The Big 12 wasn't recognizable last year.
Forget for a moment that there were no elite teams—Baylor and Oklahoma came closest to that label—or that, with only six bowl-eligible teams, overall depth was lacking.
Rather, the Big 12 wasn't the offensive juggernaut that fans had come to know in recent years. Beyond Baylor, which had the No. 1 scoring offense in the country, Oklahoma State and Texas Tech, no other Big 12 teams finished in the top 25 in that category.
Not coincidentally, nine of the conference's 10 teams—Baylor being the exclusion—played multiple quarterbacks extensively during the season. Getting into a rhythm on offense was a chore for most Big 12 teams.
Still, when looking at offenses over the last four seasons, the Big 12 remains the most prolific of any of the major conferences. According to the website College Football Statistics, no other major conference has had more teams finish with a top-25 scoring offense in a single year than the Big 12 (seven in 2012).
|Conference||Total Scoring Offenses||Total Scoring Defenses||Difference|
Similarly, no other power conference has had more teams finish in the top 25 of total offense in a single year (seven in 2012). The Big 12 has had more top-25 passers over the past four years and is tied for second with the Pac-12 for most top-25 rushing teams in that same time span.
That is a lot of numbers, and certainly, they only tell part of the story. For example, in 2013, Oregon State finished just outside the top 25 in scoring with 34.8 points per game. Fractions of a point are being split. No one could reasonably say that the Beavers suddenly didn't have a potent offense. However, they just missed the cutoff point.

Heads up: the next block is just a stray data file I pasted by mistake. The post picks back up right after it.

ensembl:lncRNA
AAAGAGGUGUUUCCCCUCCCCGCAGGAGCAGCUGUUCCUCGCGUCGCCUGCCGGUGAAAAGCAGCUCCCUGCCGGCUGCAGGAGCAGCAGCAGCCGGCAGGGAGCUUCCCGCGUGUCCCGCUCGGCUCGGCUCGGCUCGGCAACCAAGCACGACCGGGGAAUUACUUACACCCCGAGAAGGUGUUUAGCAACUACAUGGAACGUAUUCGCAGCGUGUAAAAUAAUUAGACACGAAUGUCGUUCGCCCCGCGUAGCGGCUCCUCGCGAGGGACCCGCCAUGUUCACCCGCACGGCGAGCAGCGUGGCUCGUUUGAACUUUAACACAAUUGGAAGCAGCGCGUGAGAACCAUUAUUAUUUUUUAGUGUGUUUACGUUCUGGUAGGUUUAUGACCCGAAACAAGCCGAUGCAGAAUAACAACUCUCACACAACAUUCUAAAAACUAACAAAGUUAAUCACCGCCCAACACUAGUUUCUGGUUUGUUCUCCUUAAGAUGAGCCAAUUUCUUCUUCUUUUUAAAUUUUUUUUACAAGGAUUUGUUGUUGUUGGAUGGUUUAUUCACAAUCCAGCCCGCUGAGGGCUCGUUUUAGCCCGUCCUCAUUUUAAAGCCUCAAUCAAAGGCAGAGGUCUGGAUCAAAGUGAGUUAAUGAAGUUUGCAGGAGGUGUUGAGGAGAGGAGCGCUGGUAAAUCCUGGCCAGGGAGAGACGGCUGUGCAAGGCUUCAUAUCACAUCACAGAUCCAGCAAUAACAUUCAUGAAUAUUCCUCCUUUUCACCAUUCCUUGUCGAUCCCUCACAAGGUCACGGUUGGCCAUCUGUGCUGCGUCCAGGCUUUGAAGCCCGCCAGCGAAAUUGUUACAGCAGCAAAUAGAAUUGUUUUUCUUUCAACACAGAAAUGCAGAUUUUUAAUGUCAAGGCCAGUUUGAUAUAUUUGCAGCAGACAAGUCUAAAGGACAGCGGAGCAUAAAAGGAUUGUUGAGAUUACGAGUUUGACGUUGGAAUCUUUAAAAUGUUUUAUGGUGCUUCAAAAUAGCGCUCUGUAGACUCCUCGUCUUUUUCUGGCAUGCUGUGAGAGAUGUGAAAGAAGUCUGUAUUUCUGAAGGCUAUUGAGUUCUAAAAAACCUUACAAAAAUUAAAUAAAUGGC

Statistically speaking—and this is a somewhat limited window—the Big 12 stands above all other power conferences in offense. However, whether or not the conference can keep up that production is questionable. Since 2010, the number of top-25 passers in the Big 12 has gone down each year. The number of top-25 rushing teams in the Big 12 also dropped to two in 2013.
Remember the seven top-25 scoring offenses the Big 12 had in 2012? There were only three last year. No other conference suffered such a steep drop-off from one year to the next at any point over the last four seasons.
It could just be a one-year phenomenon, caused in part by several big-name offensive players graduating or being drafted into the NFL. However, the 2014 recruiting rankings show the Big 12 is struggling to bring in premier offensive talent. Oklahoma running back Joe Mixon and Baylor wide receiver KD Cannon were the biggest names to sign with Big 12 teams in February.
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Compare that to Texas A&M, who has two signees—wide receiver Speedy Noil and quarterback Kyle Allen—who ranked among the top 10 players in the country. In all, the SEC signed roughly a dozen offensive players ranked in the top 50 of 247Sports' composite rankings.
For what it's worth, the SEC has been leaning slightly away from the "defense wins championships" mentality. Last year, six SEC teams finished with top-25 scoring offenses, and five finished in the top 25 in total offense. Both numbers were the most of any conference. Meanwhile, only four SEC teams finished with a top-25 scoring defense.
Could the Big 12 soon relinquish its offensive crown to the SEC, or even the Pac-12? If recruiting doesn't pick up, it wouldn't be surprising to see a changing of the guard when it comes to great offensive conferences.